Globe reader Dr. Frances Shepherd explains why she signed up for not one, but three cruises with The Globe and Mail. Learn more at GlobeandMailCruises.com
Tell us a bit about yourself
I am a medical oncologist at the Princess Margaret Cancer Centre in Toronto.
I’m married with two grown children, Kathryn, an international arbitration lawyer who lives in Paris, and James, an architect who lives in London. I also have two Franco-Canadian grandchildren, Julien and Stella, in Paris.
You’ve been on not one, but two Globe cruises now. What makes them so special?
Indeed, I went on my first Globe cruise last August on the Rhône and the Saône in France. Within a couple of days, I realized that sailing with The Globe added a totally new dimension to cruising, and that I would be reluctant to cruise without them ever again.
The Globe personnel, including the publisher, editor-in-chief and the columnists all provided incredible behind-the-scenes insights into the running of the newspaper and brought an in-depth Canadian perspective to local, national and international affairs.
The Globe also attracted an unbelievable group of Canadian travellers. They represented the highest levels of achievement in industry, academia, and the arts. Dinner conversations were wide-ranging, freewheeling, and certainly never dull. Where else would you find three passengers with an Order of Canada seated at the same table? In short, the intellectual stimulation brought to cruising by The Globe is why I now consider myself to be a “Globe cruising addict”, and why I signed up for Portugal this April, and Normandy next July.
Tell us about your experience on the Portugal cruise. What did your days consist of? How did it differ from other vacations or cruises?
Cruisers beware! Globe cruises are not restful – they start sharp at 7:30 a.m. with the ever-so-popular “standing room only” Globe Insider Breakfast with the Publisher or Editor-in-Chief. Then it’s off to a choice of exciting excursions, always with knowledgeable guides, back for lunch and then either more excursions or Globe focus talks in the afternoon.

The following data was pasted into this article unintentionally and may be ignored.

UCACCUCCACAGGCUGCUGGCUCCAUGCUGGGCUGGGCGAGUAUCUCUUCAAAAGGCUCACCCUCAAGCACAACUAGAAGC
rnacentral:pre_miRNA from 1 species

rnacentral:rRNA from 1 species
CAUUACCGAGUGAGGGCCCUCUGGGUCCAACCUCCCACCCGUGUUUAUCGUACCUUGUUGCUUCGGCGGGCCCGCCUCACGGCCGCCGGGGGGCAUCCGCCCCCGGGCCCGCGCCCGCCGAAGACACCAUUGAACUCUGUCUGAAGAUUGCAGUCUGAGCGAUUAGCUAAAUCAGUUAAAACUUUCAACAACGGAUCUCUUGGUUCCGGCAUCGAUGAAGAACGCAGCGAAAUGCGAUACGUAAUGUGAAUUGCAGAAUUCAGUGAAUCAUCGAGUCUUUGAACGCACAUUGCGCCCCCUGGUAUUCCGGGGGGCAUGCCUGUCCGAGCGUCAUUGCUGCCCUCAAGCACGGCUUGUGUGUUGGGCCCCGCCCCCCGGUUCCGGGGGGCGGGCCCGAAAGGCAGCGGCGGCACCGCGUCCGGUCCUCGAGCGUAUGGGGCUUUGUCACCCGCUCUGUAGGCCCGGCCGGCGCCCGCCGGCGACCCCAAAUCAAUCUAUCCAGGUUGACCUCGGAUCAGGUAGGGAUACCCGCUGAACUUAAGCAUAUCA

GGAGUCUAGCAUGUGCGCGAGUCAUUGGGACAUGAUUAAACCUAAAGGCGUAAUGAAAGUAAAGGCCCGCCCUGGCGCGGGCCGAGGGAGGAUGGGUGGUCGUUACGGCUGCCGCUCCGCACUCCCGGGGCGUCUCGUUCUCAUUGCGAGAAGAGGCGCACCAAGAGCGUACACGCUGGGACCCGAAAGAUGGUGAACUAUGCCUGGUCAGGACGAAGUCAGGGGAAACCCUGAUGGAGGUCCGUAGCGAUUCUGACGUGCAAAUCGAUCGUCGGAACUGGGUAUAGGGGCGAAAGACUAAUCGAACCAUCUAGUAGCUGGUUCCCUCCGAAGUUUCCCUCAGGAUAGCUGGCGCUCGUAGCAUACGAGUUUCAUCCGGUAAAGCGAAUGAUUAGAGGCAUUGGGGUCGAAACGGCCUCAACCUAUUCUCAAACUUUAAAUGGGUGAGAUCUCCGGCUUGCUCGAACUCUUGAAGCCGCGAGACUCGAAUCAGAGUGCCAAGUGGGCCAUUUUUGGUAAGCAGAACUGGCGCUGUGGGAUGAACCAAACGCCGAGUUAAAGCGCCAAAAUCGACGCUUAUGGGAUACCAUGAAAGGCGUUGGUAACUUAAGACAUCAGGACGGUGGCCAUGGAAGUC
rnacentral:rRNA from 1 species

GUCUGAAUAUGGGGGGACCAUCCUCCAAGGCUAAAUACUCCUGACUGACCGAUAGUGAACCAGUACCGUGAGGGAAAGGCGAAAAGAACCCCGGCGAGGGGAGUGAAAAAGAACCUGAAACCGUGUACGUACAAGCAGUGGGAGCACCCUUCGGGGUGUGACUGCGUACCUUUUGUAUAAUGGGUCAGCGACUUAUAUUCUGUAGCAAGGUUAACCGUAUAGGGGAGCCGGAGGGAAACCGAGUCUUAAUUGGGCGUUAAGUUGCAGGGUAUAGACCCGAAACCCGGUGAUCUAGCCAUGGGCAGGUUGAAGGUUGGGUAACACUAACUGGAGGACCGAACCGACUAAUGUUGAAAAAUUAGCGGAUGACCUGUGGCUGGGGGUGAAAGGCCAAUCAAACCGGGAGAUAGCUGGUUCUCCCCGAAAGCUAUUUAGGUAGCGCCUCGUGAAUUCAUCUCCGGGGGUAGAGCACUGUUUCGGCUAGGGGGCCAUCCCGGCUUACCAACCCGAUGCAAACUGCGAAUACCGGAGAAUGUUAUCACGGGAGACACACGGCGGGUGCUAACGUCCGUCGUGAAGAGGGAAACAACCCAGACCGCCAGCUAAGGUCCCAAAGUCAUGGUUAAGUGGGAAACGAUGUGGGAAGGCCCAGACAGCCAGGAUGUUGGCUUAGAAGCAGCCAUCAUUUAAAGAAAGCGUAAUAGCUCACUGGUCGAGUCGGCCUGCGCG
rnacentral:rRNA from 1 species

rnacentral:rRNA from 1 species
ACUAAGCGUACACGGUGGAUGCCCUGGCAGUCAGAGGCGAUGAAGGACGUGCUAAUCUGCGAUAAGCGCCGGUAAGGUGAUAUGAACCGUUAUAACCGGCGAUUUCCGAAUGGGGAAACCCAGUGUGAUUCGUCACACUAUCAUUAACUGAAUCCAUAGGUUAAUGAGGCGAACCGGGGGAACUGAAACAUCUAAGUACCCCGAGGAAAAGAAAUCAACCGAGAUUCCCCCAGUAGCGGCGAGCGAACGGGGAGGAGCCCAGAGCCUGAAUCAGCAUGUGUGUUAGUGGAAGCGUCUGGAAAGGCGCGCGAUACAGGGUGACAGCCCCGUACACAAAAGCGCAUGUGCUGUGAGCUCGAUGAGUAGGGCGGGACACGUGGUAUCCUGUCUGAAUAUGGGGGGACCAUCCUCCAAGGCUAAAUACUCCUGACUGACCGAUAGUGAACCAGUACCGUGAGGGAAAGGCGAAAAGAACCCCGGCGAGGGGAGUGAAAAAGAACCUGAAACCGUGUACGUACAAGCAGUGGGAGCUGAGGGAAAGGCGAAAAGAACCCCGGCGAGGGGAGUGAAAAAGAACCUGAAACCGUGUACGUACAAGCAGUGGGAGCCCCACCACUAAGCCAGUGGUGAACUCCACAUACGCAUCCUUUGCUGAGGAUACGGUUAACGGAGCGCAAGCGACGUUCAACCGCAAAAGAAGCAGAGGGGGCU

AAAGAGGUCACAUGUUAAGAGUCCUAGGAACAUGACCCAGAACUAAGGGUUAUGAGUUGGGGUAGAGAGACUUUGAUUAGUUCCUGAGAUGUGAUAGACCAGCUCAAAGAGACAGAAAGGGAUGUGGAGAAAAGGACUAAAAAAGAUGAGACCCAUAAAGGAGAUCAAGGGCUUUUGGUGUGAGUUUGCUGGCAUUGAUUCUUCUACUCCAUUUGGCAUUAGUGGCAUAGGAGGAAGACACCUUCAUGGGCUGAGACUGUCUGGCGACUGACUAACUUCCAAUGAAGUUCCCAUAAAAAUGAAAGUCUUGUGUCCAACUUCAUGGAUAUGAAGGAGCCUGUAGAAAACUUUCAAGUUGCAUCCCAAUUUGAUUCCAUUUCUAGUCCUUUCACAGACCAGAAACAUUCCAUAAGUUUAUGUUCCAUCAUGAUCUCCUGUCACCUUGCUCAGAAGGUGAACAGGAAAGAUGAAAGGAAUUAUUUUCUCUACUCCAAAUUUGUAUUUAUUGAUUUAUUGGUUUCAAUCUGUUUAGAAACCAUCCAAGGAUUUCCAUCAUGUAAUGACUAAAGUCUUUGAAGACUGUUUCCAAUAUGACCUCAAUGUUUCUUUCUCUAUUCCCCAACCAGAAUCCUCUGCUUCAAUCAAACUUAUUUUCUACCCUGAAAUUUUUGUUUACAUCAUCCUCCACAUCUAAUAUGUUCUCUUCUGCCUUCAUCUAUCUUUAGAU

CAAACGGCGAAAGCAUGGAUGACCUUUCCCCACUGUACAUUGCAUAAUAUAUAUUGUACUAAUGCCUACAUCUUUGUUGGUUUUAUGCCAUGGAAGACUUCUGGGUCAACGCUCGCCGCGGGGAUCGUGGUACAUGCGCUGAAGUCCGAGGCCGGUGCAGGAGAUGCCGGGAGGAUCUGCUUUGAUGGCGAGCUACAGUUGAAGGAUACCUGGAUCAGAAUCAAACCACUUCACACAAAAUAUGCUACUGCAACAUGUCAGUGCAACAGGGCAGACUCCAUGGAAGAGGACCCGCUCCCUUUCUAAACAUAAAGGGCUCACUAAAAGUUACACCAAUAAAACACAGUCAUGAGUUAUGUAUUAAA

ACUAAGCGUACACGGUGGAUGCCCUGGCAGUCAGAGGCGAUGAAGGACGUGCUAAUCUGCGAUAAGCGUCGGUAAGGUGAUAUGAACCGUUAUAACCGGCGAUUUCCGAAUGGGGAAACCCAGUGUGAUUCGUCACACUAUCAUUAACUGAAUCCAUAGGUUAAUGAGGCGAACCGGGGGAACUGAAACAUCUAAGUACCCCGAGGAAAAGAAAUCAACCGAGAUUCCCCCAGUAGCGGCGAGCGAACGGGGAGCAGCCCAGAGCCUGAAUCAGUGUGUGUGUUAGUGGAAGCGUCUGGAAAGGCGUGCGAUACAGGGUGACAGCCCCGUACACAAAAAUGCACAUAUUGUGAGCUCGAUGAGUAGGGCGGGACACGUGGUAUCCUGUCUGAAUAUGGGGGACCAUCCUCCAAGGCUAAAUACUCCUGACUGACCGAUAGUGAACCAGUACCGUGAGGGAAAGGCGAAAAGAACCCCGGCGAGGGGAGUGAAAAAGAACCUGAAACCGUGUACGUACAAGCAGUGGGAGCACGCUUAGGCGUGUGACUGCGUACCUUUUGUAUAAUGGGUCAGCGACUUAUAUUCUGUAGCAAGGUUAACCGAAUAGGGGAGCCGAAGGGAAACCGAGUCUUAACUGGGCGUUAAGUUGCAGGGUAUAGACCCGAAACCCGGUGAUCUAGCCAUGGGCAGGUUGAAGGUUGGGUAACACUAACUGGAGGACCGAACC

Tara O’Brady and Beppi Crosariol ensured that dinners on or off the ship were gourmet events− always memorable, delicious and reflective of the best of the regional cuisine.
With respect to Portugal in particular, I think the Douro River and the Douro Valley are hidden gems. The majesty of the river, the granite cliffs and the terraced vineyards were a surprise to me, and unlike other rivers winding their way through wine country. In fact, the terraced vineyards have even be designated as a UNESCO World Heritage Site.
Do you have a favourite destination or memory from the Portugal cruise?
Portugal was a treasure trove of historically important towns, villages, churches and galleries. It was wonderful to be reminded of the importance of Portugal in the discovery of the New World from Goa to the Americas in centuries past. If I have to select one event that is forefront of my mind, it might be the moving concert that was held in the magnificent Baroque church of Porto with music from Handel to Andrew Lloyd Webber!
Any other thoughts?
What better way to celebrate (or perhaps remember and mourn) the 100th anniversary of the ending of the “war to end all wars”. With The Globe, I am sure we all come away with a better and in depth understanding of the role that Canada played in WWI, and how it really shaped the coming of age of our nation.